All of my other projects are being neglected just so I can work on socks. Socks, socks, and more socks. I am loving Socktoberfest!
I finished Hoya Socksa #1 on Sunday night. I thought it was lovely; I thought it was perfect. I cast on for Hoya Socksa #2 and began the toe. Tra la la la la!
On Monday, I woke up and tried on Hoya Socksa #1, and . . . it didn't fit. Sigh. I thought using a slightly larger needle would give me a loose enough bound-off edge for the cuff of the sock, and I was horribly, terribly wrong! I spent Monday evening, re-working the bound-off edge and trying to achieve a cuff that would actually go over my heel. I looked up three or four different methods on the web, and either I couldn't understand the poorly written directions or the method didn't produce a loose enough edge. So after an hour or so of trial and error, I started experimenting!
I briefly remembered seeing in someone's directions how you can simply increase the number of stitches by 25% in the last row before binding off. My experiment included just a bit over 25%, and looks great! The cuff of the sock has 1 1/2 inches of 3 x 2 ribbing, so I increased one stitch between each of the two purl stitches all the way around the sock. I also bound off with a US size 3 instead of a US size 1 needle. It worked like a charm!
Now, I know I said I was a cuff-down kind of girl, and I'm sure you can tell that I am writing about a pair of toe-up socks. I realized in reading my pattern that my Hoya Socksa lace would not properly mimic the spires of Georgetown's Healy Hall unless they were pointing up, and the only way to make the pattern work would be to knit the socks from the toe up. It's not a bad way to make socks, but I still prefer cuff down.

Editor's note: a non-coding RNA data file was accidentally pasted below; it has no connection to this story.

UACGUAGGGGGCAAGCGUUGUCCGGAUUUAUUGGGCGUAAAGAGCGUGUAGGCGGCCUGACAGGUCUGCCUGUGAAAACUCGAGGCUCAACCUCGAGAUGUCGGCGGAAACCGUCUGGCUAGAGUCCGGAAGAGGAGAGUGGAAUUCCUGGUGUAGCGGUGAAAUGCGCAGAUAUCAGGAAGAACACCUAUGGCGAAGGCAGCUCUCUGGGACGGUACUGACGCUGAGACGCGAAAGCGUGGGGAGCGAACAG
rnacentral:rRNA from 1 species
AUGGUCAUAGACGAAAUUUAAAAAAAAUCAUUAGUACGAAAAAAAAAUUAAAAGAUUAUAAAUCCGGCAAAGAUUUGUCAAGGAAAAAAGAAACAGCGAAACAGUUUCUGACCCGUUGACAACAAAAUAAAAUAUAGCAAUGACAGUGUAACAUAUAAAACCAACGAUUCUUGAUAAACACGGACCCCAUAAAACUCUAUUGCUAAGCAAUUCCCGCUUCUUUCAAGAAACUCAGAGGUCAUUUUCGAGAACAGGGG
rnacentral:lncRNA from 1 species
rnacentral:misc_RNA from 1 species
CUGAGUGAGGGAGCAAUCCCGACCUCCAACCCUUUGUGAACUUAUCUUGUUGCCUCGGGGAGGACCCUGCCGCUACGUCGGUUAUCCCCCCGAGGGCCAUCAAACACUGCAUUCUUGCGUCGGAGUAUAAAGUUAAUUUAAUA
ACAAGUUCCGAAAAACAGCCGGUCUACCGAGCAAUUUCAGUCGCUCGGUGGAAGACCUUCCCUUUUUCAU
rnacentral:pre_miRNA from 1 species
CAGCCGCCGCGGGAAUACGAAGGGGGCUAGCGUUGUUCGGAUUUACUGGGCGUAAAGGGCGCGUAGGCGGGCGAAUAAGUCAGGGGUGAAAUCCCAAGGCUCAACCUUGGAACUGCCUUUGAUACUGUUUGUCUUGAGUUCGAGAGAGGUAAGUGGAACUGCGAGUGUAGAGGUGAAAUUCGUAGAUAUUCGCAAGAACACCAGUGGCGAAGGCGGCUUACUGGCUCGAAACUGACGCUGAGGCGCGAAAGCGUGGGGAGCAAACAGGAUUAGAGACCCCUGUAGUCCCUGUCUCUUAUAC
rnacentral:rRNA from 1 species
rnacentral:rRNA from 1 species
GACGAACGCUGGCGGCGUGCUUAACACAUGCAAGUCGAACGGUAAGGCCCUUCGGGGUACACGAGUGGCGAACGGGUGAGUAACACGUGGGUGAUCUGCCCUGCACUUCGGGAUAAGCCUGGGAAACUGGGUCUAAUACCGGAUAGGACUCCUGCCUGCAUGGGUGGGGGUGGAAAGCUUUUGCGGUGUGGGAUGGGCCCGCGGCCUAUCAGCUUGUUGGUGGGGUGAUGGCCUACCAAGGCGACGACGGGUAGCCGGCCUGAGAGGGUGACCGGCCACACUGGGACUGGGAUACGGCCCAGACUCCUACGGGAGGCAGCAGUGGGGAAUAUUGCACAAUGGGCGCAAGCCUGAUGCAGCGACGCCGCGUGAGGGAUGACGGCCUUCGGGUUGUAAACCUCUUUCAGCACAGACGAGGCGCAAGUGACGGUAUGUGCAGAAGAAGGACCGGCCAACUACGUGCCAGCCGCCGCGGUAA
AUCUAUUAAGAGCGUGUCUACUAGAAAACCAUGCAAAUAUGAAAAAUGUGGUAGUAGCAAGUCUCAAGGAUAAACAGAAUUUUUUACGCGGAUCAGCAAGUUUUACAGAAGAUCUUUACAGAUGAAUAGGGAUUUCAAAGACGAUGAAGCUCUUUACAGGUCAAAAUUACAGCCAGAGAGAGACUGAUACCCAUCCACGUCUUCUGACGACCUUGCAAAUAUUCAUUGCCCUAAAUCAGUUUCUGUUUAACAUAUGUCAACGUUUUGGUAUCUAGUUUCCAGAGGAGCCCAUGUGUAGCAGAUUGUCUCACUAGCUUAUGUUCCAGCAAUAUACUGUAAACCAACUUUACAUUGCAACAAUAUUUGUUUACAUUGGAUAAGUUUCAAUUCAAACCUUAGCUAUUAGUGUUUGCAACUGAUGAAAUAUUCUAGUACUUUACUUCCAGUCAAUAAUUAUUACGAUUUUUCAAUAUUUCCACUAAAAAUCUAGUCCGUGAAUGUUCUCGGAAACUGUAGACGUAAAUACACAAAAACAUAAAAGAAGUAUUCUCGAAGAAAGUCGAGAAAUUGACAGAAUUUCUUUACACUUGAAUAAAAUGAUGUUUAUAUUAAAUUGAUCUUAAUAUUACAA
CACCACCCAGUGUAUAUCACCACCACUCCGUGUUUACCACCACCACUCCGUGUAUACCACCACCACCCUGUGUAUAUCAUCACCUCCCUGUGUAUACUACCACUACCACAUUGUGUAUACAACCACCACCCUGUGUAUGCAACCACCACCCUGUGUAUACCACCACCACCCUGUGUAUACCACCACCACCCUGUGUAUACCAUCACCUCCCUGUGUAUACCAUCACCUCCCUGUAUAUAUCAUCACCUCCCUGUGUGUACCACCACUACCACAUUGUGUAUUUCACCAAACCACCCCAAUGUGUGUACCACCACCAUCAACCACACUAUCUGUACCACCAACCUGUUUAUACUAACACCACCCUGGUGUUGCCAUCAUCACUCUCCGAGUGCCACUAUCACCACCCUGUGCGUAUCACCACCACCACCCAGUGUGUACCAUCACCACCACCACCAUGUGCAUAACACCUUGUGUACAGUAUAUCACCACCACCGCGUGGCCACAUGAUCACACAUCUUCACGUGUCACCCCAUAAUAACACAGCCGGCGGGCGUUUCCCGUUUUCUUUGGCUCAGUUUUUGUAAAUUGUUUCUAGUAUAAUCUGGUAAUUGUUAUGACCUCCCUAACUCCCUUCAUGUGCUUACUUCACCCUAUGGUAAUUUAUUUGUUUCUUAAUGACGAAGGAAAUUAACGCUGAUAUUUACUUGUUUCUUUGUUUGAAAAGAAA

My Hoya Socksas have a short-row heel--this is how I chose to avoid my aversion to toe-up socks. I generally like the look of a short-row heel because it mimics the heel in a store-bought sock. Uninformed non-knitters usually look at them and ask you where you bought your short-row socks, and this can be a great compliment since they obviously don't look hand-made. Socks with heel flaps and gussets just fit better though, and I absolutely prefer having a custom-fitted sock. I'll take the fit of a heel flap over the look of short rows any day!
I guess my next challenge will be learning how to do a heel flap in reverse to see if it fits the same or better than a regular heel flap. Then, and only then, will I become a toe-up convert.
Now quit reading blogs, and go knit some socks!!!